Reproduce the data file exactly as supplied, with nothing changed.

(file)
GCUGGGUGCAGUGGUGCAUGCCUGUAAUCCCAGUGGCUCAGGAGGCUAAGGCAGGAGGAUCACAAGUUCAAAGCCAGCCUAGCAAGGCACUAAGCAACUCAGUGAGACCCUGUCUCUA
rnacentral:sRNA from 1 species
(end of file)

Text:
GCUGGGUGCAGUGGUGCAUGCCUGUAAUCCCAGUGGCUCAGGAGGCUAAGGCAGGAGGAUCACAAGUUCAAAGCCAGCCUAGCAAGGCACUAAGCAACUCAGUGAGACCCUGUCUCUA
rnacentral:sRNA from 1 species